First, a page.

Jack Spencer's Restless Art
The Nashville artist can’t decide whether he’s more passionate about photography, painting, or music
“I don’t do commitment,” says Jack Spencer almost as soon as I meet him. I am standing in the living room, water dripping from my hair. I’ve gotten soaked in the few minutes it has taken me to race from the car into his house, caught in a heavy downpour that will go on for days and cause severe flooding throughout Tennessee. He eyes me warily as I catch my breath, then ducks into the safety of an armchair behind the large dining room table.
Trying to put him at ease, I admire the house; walls are covered with paintings and photographs, some by friends, others his own, which I recognize immediately from books and shows. A large reproduction of a Botero painting dominates the living room. The furniture is overstuffed, serviceable, and comfortable. The neighborhood is lovely: thirties-style bungalows shaded by trees and surrounded by flowers, now flattened by the deluge. A tour bus crawls past, on its way to gawk at his friend Alison Krauss’s house down the street. I ask Spencer how long he’s owned his home. “I’ve been renting for eleven years,” he says. “I don’t marry, I don’t do mortgages. This is my bachelor shack. We have great old martini parties here.”
What with the pounding rains and his declaration of independence, our interview is off to a rollicking start. Jack Spencer, photographer, painter, musician, and philanthropist, is a man of big appetites, big emotions, big ambitions, big talents, and big pronouncements. I am often reluctant to meet artists and writers whose work I admire; it is frequently the case that they have not held their temperaments up to the same standards as their talents. In these first few minutes, I’m worried this is going to be one of those cases. But Spencer, for all his gruff, and somewhat shy, awkwardness, turns out to be one of the most bighearted, funny, generous, kind, and moral people anyone could hope to meet.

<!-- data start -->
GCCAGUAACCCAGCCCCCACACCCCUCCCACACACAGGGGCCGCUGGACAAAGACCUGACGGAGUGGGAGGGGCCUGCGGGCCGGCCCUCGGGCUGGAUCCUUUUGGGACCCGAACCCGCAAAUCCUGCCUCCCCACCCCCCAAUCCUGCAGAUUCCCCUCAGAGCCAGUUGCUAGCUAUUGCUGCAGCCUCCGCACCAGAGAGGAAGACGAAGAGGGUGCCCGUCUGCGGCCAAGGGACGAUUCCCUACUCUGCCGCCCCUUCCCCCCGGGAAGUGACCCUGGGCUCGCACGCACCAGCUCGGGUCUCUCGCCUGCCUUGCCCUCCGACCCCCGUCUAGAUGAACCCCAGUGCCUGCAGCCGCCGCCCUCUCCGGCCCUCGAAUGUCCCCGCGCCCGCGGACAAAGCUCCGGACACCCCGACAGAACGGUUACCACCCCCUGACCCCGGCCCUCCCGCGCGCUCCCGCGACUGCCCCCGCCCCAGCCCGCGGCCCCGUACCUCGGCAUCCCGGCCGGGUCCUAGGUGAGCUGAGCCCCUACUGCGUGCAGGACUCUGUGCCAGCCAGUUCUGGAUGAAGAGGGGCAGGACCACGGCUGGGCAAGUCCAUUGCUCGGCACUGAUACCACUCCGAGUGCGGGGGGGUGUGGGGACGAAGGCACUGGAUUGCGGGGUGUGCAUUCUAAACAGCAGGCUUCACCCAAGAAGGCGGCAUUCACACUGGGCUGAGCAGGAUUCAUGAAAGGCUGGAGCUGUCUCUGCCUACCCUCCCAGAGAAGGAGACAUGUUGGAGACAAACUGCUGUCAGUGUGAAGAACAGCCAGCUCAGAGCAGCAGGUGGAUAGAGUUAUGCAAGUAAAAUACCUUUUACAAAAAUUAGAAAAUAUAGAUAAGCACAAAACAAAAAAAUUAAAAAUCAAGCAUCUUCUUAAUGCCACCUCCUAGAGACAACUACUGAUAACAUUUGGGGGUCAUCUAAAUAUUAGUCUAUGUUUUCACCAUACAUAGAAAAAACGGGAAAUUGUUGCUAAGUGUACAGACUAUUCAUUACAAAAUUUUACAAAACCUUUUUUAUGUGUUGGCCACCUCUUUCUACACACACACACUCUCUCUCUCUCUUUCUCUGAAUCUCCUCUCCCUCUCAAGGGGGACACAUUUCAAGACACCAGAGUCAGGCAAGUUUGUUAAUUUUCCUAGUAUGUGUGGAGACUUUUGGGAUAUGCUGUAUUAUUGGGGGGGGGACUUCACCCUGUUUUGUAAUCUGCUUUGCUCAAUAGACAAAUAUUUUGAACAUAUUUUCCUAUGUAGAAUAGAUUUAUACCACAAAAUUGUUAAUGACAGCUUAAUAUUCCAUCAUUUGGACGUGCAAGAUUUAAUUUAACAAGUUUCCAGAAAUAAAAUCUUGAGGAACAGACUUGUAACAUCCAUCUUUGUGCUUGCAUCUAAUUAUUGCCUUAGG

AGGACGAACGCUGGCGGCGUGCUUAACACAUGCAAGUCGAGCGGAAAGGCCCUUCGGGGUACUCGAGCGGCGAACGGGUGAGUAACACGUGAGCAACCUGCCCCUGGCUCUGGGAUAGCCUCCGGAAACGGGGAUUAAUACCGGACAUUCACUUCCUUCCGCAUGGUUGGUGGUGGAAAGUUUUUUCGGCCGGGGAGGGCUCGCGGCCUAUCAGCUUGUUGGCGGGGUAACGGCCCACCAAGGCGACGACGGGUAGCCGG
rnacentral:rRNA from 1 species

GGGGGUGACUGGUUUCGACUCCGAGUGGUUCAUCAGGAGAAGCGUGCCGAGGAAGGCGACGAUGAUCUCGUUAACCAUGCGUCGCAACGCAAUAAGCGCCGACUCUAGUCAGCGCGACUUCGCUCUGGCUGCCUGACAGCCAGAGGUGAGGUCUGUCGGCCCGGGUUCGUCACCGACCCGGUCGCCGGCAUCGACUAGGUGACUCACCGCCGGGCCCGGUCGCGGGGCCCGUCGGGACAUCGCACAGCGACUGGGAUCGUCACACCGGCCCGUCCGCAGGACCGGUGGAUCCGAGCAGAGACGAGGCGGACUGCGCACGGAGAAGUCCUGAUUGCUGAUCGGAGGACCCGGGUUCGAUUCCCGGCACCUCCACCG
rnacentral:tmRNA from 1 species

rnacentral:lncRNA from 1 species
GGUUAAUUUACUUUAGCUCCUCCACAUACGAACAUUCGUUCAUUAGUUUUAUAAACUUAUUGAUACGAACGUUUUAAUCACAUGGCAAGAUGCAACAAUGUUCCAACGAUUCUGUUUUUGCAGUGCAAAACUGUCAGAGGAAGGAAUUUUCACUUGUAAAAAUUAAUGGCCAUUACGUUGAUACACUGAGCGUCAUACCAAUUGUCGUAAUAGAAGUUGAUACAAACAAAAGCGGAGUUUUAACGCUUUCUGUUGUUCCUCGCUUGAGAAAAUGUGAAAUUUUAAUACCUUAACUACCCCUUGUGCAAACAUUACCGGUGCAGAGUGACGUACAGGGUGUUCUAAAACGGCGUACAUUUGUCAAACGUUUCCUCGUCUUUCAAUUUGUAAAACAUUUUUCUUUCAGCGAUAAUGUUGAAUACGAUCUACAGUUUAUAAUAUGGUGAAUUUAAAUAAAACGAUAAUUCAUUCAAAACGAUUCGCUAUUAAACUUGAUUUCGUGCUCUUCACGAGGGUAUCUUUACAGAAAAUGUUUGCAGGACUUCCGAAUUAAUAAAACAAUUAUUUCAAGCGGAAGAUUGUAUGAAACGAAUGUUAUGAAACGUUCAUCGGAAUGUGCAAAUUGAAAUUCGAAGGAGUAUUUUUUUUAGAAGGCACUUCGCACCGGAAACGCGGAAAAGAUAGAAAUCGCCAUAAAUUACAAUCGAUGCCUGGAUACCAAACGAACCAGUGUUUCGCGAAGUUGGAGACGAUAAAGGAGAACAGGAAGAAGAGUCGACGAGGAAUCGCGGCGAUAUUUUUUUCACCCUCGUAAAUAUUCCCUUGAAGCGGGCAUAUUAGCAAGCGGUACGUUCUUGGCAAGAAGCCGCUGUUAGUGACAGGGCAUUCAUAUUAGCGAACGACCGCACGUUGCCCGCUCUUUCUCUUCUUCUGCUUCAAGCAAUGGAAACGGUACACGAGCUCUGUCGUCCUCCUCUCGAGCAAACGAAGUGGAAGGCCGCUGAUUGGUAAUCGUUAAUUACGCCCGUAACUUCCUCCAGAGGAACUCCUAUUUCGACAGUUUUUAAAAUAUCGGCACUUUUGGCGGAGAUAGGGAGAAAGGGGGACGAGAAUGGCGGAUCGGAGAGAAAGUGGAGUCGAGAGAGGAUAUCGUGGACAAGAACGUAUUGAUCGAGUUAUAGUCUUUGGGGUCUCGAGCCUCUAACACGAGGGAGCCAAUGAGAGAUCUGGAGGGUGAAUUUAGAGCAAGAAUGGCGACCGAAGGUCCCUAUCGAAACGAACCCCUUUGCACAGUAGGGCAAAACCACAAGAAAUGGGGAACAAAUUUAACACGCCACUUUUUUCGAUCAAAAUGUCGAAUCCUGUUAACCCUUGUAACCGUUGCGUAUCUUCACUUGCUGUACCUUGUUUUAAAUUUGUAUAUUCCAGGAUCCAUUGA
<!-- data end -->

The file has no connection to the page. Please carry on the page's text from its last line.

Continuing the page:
Spencer’s photography is equally large in its impact, haunting, provocative, and beautiful; many of his images are unforgettable. Much of his work is remarkable not only in its imagery, but also because of darkroom manipulations that yield up unusually rich, lush sepia prints. His early photographs were published in a book, in 1999, called Native Soil. The series, at first glance, chronicles a trip through the southern Mississippi of his childhood; Spencer was born in Kosciusko, in 1951. But Native Soil is more profoundly a meditation on race, poverty, kinship, joy, and love. The photographs give glimpses of lives rich with stories, if not with material goods. Spencer returned in several memorable images to an elderly black man with a formidable face, named Will “Cooter” Branch. “I just loved that man,” Spencer says. “He had eleven kids. Sent ten to college. I spent a lot of time listening to his stories—and learning about the terrible wounds left by prejudice. Native Soil is an answer to that.” For Spencer, the pictures were a way to unlearn the poisonous attitudes that had been bequeathed to him by his family, people he loved and knew were good and decent but, he eventually understood, misguided.